• When in doubt it is almost always better to reference a media site over a press release.
  • If what you are doing can be done by an algorithm then there is little point in doing it manually. Learn how to program and set your program loose.

Even if your blog is entirely commercially oriented it is still possible to provide interesting information if you hunt long enough. Good bloggers save their readers time or help them find new perspectives, deals, and relevant topical information.

December 29, 2005

Around the Blogosphere…

Is Blogging a fireable offense? Yes. If bloggers could better monetize their marketshare then perhaps it would not matter.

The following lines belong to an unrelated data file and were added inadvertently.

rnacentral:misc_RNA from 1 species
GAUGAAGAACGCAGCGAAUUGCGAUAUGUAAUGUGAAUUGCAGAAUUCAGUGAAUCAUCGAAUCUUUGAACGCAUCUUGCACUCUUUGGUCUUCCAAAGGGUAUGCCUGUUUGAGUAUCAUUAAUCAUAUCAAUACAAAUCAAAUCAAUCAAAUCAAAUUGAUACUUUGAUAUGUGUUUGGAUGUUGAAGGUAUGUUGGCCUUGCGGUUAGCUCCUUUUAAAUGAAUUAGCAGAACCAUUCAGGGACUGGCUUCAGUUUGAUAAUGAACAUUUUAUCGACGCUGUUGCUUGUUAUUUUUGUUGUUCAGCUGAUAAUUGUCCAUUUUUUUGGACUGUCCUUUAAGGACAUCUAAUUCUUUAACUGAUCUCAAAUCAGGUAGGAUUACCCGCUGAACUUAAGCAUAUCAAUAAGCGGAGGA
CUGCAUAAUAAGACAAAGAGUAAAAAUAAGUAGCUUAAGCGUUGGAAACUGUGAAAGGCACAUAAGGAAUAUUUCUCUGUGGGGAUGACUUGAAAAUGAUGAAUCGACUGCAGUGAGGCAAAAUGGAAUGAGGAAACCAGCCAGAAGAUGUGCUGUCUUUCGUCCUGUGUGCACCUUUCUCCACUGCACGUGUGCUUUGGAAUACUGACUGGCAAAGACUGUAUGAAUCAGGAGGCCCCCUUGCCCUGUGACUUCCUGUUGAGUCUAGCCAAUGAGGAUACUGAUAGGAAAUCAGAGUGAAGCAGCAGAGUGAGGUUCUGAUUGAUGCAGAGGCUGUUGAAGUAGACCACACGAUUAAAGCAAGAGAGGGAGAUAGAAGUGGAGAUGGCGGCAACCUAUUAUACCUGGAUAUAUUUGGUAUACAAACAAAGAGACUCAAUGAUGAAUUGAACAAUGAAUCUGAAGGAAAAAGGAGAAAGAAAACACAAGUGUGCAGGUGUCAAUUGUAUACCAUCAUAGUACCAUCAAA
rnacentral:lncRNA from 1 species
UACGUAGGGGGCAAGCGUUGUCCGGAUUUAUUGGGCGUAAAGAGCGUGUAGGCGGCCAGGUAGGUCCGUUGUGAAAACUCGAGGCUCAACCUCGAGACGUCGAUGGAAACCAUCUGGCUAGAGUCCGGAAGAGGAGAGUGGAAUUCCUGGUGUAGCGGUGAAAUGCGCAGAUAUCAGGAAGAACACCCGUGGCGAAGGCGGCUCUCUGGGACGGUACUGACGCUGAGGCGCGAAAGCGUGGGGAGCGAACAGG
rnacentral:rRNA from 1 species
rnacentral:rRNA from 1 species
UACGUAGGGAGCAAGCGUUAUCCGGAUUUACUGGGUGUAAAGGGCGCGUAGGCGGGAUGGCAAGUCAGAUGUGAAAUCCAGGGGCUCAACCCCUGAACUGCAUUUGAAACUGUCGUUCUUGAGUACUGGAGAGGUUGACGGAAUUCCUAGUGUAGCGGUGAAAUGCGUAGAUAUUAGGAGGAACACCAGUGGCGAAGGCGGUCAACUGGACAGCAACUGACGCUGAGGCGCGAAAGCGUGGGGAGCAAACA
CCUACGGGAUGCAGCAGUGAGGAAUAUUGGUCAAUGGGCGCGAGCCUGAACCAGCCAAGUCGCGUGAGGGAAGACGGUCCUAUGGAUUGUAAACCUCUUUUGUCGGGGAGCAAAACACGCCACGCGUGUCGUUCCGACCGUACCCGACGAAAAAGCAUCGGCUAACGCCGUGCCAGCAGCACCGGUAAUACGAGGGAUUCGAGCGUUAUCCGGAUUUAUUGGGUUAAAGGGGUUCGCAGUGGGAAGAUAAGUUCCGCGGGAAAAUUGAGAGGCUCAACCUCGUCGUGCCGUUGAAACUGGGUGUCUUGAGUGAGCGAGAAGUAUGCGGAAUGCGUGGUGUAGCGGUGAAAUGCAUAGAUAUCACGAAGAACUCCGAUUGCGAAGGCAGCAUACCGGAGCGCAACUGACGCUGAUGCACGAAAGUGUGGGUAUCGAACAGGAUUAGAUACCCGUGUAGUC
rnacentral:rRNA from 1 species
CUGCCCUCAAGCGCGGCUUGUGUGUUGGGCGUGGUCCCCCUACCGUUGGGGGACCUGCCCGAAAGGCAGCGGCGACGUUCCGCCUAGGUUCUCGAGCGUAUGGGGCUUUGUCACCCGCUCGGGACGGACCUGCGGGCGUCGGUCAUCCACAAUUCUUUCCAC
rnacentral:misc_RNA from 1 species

FineFools network hits a rough patch. Cool to see how open they are with content, but at the same time I am not sure how much business sense that policy makes longterm. Also the openness of the network – the lack of structure in picking topics around which great value may be created – may be one of its greatest problems. If people want to blog to be read networks offer that. If people want to blog to make serious bankroll most blog networks do not offer that.

Photo company under heat changes their name. Totally stupid move. A company threw away their search profile and started from scratch after coming under heat. Bloggers quickly cross referenced the new and old companies. Now that makes them look even shadier. If you play your cards right with bloggers hate stories can be flipped into good link popularity and smart viral marketing. Running away from the problem works not so good.

Technorati adds trending graphs and other features.